and Ankle Injuries
Foot and ankle emergencies
happen every day. Broken bones, dislocations, sprains, contusions,
infections, and other serious injuries can occur at any time.
Early attention is vitally important. Whenever you sustain a
foot or ankle injury, you should seek immediate treatment from
a podiatric physician.
That advice is
universal, even though there are lots of myths about foot and
ankle injuries. Some of them follow.
- "It can't be broken,
because I can move it."
False; this widespread idea has kept
many fractures from receiving proper treatment. The truth is
that often you can walk with certain kinds of fractures. Some
common examples: breaks of the thinner of the two leg bones;
small "chip" fractures of either foot or ankle bones;
and the frequently neglected fracture of a toe.
- "If you break a toe,
immediate care isn't necessary." False; a toe fracture needs
prompt attention. If X-rays reveal it to be a simple, displaced
fracture, care by your podiatrist usually can produce rapid relief.
However, X-rays might identify a displaced or angulated break.
In such cases, prompt realignment of the fracture by your podiatric
physician will help prevent improper or incomplete healing. Many
patients develop post-fracture deformity of a toe, which in turn
results in formation of a painfully deformed toe with a most
painful corn. A good general rule is: Seek prompt treatment for
injury to foot bones.
- "If you have a foot
or ankle injury, soak it in hot water immediately." False; don't
use heat or hot water if you suspect a fracture, sprain, or dislocation.
Heat promotes blood flow, causing greater swelling. More swelling
means greater pressure on the nerves, which causes more pain.
An ice bag wrapped in a towel has a contracting effect on blood
vessels, produces a numbing effect, and prevents swelling and
pain. After seeing a podiatric physician, warm compresses and
soaks may be used.
- "Applying an elastic
bandage to a severely sprained ankle is adequate treatment."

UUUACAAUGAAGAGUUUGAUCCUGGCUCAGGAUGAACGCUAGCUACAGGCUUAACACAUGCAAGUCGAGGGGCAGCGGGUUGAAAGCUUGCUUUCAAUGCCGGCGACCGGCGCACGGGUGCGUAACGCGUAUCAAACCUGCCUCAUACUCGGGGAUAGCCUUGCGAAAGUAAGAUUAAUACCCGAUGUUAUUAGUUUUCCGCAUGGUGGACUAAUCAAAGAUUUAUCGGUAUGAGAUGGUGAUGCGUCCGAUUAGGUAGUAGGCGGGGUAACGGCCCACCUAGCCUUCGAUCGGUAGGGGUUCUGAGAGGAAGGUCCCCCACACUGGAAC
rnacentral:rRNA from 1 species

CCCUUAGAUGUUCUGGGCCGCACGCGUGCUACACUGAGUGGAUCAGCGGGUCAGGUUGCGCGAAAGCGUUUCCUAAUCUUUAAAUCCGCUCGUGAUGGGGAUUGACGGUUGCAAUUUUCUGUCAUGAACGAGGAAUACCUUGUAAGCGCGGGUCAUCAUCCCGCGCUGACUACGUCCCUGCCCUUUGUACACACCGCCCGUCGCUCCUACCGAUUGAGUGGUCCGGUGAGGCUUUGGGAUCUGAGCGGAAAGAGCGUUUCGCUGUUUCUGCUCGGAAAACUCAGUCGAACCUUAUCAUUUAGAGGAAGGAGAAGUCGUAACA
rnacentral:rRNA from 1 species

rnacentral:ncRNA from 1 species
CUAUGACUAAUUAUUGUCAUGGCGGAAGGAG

False; ankle sprains often mean torn
or severely overstretched ligaments, and they should receive
immediate care. X-ray examination, immobilization by casting
or splinting, and physiotherapy to insure a normal recovery all
may be indicated. Surgery may even be necessary.
- "The terms 'fracture,'
'break,' and 'crack' are all different." False; all of those words are proper in describing
a broken bone.
Before Seeing the Podiatrist
If an injury or accident does occur, the steps
you can take to help yourself until you can reach your podiatric
physician are easy to remember if you can recall the word "rice."
Cut back on your activity, and get off your feet if you can.
Gently place a plastic bag of ice, or ice wrapped in a towel,
on the injured area in a 20-minute-on, 40-minute-off cycle.
Lightly wrap an Ace bandage around the area, taking care not
to pull it too tight.
Sit in a position that you can elevate the foot higher than the
waist, to reduce swelling and pain.
- Switch to a soft shoe or slipper, preferably
one that your podiatrist can cut up in the office if it needs
to be altered to accommodate a bulky dressing.
- For bleeding cuts, cleanse well, apply pressure
with gauze or a towel, and cover with a clean dressing. It's
best not to use any medication on the cut before you see the
- Leave blisters unopened if they are not painful
- Foreign materials in the skin, such as slivers,
splinters, and sand, can be removed carefully with a sterile
instrument. A deep foreign object, such as broken glass or a
needle, must be removed professionally.
- Treatment for an abrasion is similar to that
of a burn, since raw skin is exposed to the air and can easily
become infected. Cleansing is important to remove all foreign
particles. Sterile bandages should be applied, along with an
antibiotic cream or ointment.
- Wear the correct shoes for any event. Good
walking shoes provide more comfort and better balance.
- Wear hiking shoes or boots in rough terrain.
- Different sports activities call for specific
footwear to protect feet and ankles. Use the correct shoes for
each sport. Don't wear any sports shoe beyond its useful life.
- Wear safety shoes if you're in an occupation
which threatens foot safety. There are specific safety shoes
for a variety of on-the-job conditions. Be certain they are fitted
- Always wear hard-top shoes when operating
a lawn mower or other grass-cutting equipment.
- Don't walk barefoot on paved streets or sidewalks.
- Watch out for slippery floors at home and
at work. Clean up obviously dangerous spills immediately.
- If you get up during the night, turn on a
light. Many fractured toes and other foot injuries occur while
attempting to find your way in the dark.